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With Few Women At The Table, How Do We Ensure A Larger Number Of Women In The Workforce?

Posted: August 17, 2020

It’s time we recognised women as a big asset to the nation. A better gender ratio in the boardroom will only reflect a peaceful and a prosperous country.

Woman’s director on board percentage is 14.87 in India. When faced with these statistics, we often reiterate the Karma statement to ourselves.

“Numbers don’t matter. it’s the sense of doing something meaningful with our lives”

True. But numbers do matter! In this case, they matter because they reflect the true state of a country. They matter as they influence the future generations. The numbers matter as they are talked about in the UN and they matter because that’s how a country is perceived. And it matters because it is a fact!

The problem starts at the grassroots

The problem most often is at the grass root level. In a country like India, it is the upbringing of a girl child. Her struggle to fight begins in the foetus itself.

Female infanticide is a bitter truth mirroring our country. Right from childhood, her education depends on the family income which favours beta. Her social indulgence is restricted, her appearance is based on judgements, and her mind is filled with false beliefs about work classified for men and women.

This social disgrace is not just confined to the poverty stricken and illiterates. Even in the most urbane families, the mind is cluttered with the same stigma around girl child.

The upbringing and freedom surely is in contrast to the underprivileged sections of the society, the underlying motive remains unchanged. Higher education and better exposure to life is just to please the societal status with the ultimate aim of kissing her goodbye into wedlock.

There is rarely the ‘work-life balance’ for women

A wedlock which impress as a very progressive family with shallow thoughts asserting women to be confined to the four walls of the house. Occasionally, when women from such families move out for work, the patriarchs justify by labelling it as ‘we allow women to work.’

While growing up, these preconceived notions most often cross paths with important decisions in a woman’s life. Through the thick, her limbic brain overrules the left brain. Women are forever striving for that ideal ‘Work-Life balance.’ And, sadly the choice for most parts remains family over career.

The working woman population in India is just about 24 percent. A further dig reveals the poor stats of women at the middle and senior management levels.

Well, I don’t blame the employers, women at different stages of their life end up taking unpleasant decisions. Whether it’s marriage, maternity or ageing parents, time after time opt out of their careers, on the pretext of ‘My work is not so important.

Women are often made to prioritise personal commitments over work

Girls/women are still struggling with issues like child abuse, rape, acid attack, human (particularly girls) trafficking. With this saddening state we can only have either bar rising on the charts. It is important to bring down these numbers for our country to advance from 14.87 percent to 50 percent.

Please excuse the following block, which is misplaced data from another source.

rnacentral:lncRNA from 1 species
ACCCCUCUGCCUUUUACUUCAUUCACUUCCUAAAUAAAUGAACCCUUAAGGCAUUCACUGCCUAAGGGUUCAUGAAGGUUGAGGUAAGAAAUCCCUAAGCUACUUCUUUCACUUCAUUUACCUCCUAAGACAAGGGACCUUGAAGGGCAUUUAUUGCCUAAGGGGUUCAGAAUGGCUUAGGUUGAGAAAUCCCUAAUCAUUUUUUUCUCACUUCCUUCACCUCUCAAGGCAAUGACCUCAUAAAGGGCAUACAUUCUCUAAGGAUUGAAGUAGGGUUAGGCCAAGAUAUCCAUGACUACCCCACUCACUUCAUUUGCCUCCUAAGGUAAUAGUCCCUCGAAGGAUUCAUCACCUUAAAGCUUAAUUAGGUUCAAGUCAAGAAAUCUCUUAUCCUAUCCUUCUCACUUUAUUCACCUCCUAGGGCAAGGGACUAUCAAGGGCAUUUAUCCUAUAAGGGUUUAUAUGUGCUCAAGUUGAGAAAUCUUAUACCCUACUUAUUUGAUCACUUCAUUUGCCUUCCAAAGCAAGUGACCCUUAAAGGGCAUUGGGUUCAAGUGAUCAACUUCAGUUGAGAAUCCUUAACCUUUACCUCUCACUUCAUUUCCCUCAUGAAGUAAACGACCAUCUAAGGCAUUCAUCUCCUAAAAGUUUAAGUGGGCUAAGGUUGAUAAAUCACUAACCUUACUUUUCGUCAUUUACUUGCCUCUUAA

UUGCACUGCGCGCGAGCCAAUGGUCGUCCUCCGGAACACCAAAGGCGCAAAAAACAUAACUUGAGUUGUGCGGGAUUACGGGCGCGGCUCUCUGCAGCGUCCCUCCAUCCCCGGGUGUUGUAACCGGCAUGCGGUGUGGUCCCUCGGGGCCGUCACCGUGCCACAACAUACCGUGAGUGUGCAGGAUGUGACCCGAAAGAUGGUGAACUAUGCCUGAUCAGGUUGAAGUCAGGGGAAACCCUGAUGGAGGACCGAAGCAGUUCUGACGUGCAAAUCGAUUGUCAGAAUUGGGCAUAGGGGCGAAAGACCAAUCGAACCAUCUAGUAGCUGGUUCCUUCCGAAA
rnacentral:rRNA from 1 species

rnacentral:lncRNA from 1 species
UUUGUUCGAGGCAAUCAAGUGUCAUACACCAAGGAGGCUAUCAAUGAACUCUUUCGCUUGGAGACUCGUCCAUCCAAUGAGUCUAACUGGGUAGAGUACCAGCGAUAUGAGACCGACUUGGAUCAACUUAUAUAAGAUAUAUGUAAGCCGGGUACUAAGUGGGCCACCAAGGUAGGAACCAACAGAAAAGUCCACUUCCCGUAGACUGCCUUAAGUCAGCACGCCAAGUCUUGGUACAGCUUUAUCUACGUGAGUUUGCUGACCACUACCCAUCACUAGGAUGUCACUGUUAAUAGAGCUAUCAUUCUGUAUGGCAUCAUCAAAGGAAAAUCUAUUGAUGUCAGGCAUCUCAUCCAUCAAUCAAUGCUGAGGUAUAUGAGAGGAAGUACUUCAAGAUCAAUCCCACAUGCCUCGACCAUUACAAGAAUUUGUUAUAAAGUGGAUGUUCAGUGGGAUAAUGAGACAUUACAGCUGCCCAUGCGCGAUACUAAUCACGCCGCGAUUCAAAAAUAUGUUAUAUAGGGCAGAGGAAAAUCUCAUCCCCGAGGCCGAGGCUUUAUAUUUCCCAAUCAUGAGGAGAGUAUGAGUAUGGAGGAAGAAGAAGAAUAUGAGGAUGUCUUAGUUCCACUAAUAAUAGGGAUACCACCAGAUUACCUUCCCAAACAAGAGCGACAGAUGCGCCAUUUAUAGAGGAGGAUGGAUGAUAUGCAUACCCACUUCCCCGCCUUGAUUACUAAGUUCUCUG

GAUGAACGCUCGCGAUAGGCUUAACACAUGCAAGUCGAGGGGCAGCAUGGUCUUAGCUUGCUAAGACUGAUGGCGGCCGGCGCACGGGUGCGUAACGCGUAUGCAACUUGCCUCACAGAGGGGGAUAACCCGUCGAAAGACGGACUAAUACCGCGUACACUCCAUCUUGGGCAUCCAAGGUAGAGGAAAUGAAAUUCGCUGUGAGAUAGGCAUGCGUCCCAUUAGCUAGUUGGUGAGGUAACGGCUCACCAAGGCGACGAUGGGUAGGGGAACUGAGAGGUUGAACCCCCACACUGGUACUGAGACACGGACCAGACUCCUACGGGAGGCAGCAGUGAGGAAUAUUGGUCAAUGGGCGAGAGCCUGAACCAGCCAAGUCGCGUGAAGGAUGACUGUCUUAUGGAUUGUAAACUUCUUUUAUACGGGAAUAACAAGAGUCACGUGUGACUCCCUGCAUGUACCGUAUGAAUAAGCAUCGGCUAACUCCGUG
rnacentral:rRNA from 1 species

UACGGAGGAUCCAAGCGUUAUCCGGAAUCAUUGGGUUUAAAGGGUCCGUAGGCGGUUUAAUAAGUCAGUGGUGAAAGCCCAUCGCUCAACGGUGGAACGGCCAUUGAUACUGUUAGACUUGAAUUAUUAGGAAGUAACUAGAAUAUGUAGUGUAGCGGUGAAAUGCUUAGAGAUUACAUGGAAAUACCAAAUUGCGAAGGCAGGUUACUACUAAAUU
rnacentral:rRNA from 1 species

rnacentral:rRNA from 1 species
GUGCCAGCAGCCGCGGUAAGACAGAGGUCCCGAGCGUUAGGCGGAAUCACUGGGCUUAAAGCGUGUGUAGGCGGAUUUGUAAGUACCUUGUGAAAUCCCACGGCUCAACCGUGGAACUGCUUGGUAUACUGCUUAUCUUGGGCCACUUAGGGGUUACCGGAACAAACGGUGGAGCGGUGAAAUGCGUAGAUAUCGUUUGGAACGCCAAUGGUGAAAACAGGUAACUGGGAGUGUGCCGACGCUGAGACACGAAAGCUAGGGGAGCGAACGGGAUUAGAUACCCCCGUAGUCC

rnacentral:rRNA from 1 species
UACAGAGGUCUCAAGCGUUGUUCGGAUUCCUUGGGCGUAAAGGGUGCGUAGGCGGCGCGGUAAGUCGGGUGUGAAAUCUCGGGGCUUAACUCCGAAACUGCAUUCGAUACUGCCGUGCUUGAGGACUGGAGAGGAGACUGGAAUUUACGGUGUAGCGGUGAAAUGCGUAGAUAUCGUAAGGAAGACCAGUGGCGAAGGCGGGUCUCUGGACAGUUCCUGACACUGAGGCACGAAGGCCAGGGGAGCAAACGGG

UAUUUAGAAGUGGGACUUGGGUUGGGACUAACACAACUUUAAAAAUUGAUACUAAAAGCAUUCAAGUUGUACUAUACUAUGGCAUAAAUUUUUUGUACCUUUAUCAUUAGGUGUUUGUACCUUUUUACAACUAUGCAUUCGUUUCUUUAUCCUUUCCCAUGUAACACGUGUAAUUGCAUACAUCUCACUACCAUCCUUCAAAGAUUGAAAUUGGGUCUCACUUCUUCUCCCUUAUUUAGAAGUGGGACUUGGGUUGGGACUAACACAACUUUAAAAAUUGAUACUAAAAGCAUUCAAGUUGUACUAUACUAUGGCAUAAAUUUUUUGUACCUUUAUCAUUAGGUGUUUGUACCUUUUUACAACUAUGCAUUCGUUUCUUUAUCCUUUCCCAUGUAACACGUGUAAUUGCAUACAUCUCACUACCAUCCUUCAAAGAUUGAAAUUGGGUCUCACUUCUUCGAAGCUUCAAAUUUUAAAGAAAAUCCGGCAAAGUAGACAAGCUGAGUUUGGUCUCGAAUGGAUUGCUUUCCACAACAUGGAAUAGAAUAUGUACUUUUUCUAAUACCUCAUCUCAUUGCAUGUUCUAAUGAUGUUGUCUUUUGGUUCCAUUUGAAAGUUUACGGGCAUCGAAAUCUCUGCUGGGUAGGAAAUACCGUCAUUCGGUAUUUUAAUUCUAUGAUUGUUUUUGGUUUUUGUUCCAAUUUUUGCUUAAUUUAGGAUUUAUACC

The LFPR (Labour Force Participation Rate) of females in India has dropped from 37.71 percent in 2001 to 23.83 percent in 2018. Clearly, the many women empowerment schemes have displayed highly inverse results.

Women have often prioritised personal commitments over career. However, employers have been equally hesitant when it comes to hiring and promoting women for vital roles. We need to raise both men/women in an environment where they don’t differentiate or think of roles differently.

So, how do we contribute towards this?

What can the Government do?

The Ministry of Women and Child Development needs to form and implement strong policies and strict laws to abide by. In the past, there have been suggestions to offer tax incentives to corporate that employ women workforce in organisation. These kinds of initiatives point a move in the right direction. It will ensure that employers refrain from any job denial to women based on prejudices.

How can the society help?

The old school of thought needs to be altered, and we need to stop differentiating between men and women’s capabilities. Seldom given importance, equal rights and similar exposure plays a vital role in shaping up a child’s IQ as well as his/her EQ.

And finally what can women do?

Stop seeking sympathy. Empathise with the state of your country. You are important and your contribution is far reaching. Indian armed forces sacrifice to contribute towards the nation whereas your sacrifice proves to be detrimental in that order.

It’s time you recognise and regard you as a big asset to the nation.

A better gender ratio in the boardroom only reflects a peaceful society and a prosperous country.

Together we can bridge the difference!

Picture credits: Ketut Subiyanto on Pexels

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Partner at SPRIHA Timepieces. Earlier worked at a iFAST Financial Services as a Research Analyst

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